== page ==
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Auto Train Business Class?

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Amtrak should really think twice as to how they splash the term Business Class about.

 

The airline industry term means a product offering First Class service including choice of meals, all the alcohol you can responsibly drink, an Attendant for each 20 passengers, and a "goody bag".

 

The US flagged carriers are all phasing out traditional First in favor of Delta One, (United) Polaris, and (I don't know what American calls their's).

 

By contrast Amtrak Business Class can be anything from a 2-1 configured section of an A-I or Horizon, a glorified Coach on the NEC and some LD's, to "just plain old" Coach on the Acela. A passenger who has only experienced airline Business Class could justifiably be after Amtrak for false advertising. Where Amtrak offers an enhanced Coach product, they should find a name for the service reflecting that.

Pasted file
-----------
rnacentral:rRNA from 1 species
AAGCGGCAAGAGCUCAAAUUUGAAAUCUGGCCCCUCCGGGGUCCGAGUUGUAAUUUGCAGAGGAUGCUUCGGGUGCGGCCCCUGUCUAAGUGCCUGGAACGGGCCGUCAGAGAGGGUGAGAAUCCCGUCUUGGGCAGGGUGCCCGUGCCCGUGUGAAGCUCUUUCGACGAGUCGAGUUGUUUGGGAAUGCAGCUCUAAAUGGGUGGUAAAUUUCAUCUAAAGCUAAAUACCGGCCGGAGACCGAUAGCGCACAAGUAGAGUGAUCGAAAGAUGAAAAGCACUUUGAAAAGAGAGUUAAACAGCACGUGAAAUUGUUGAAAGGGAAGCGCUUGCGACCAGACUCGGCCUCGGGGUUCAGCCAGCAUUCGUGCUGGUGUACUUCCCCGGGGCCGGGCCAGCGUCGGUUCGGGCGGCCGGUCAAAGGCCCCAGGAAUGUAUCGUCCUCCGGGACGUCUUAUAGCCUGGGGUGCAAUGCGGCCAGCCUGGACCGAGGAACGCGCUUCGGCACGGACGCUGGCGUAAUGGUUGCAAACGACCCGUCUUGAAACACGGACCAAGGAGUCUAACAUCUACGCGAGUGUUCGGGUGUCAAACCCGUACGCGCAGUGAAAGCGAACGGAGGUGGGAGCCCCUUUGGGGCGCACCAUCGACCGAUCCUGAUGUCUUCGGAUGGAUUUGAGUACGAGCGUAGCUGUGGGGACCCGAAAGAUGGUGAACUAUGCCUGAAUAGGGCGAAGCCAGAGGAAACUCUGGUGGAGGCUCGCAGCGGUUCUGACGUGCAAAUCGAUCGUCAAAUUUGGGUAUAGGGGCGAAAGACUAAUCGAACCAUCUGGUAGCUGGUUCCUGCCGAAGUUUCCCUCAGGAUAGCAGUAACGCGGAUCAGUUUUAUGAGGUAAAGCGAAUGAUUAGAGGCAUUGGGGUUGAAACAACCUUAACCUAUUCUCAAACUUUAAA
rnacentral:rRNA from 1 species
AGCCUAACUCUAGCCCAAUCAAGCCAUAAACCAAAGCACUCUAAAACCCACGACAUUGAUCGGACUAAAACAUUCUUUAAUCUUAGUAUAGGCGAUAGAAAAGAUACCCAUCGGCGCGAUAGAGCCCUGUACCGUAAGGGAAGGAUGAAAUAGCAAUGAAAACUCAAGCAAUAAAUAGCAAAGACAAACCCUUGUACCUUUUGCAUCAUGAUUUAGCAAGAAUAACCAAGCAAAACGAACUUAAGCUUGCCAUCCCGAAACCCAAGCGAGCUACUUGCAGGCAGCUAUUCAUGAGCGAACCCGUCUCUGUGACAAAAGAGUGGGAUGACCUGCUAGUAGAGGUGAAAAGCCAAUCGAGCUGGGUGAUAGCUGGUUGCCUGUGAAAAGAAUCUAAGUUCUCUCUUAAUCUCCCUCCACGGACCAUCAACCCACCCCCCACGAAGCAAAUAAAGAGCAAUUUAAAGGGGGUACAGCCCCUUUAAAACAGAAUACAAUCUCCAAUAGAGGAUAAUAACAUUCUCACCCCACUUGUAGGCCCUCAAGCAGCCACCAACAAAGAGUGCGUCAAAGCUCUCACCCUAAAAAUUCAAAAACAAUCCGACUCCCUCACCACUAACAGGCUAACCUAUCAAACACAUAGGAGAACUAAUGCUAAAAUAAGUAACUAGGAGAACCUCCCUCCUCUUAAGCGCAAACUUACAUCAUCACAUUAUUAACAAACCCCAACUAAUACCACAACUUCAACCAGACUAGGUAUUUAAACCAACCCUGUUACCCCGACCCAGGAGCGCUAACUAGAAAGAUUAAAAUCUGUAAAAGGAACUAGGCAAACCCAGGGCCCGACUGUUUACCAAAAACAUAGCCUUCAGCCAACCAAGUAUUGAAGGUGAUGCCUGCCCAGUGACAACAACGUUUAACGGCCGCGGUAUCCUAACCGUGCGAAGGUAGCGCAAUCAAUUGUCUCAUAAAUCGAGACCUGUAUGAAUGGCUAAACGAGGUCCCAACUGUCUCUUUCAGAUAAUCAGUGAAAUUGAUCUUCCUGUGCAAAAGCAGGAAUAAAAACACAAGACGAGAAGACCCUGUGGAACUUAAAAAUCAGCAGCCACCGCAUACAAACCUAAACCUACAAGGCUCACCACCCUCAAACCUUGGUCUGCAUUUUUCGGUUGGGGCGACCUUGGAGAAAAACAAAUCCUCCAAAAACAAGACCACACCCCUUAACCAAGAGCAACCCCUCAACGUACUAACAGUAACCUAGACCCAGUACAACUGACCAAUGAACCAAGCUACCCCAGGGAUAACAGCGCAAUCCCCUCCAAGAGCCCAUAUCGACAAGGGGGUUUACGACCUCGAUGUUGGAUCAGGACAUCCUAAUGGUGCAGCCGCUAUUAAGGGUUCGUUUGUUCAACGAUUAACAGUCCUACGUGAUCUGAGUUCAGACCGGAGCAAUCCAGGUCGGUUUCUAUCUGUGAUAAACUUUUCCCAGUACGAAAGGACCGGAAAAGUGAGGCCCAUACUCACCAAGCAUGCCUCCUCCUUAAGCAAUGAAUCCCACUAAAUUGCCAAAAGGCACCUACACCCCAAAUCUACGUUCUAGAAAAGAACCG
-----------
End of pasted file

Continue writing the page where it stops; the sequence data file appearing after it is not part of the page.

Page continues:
Edited by GBNorman

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I agree that they should do a better job of defining B/C. However, in the airline industry B/C varies widely depending on many factors including whether it is domestic or int'l, a 2 class or 3 class aircraft, and the route involved. Some airlines have eliminated domestic first for a BC/First model, in other situations, it is an intermediate class, a discernible step down from first.

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Without getting into "who knew who", I was upgraded from Business to First on an overseas flight. I found the difference "marginal"; the Entree's were the same, as we're the wines and the Desserts. The only difference was a cheese course and after Dinner liqueurs.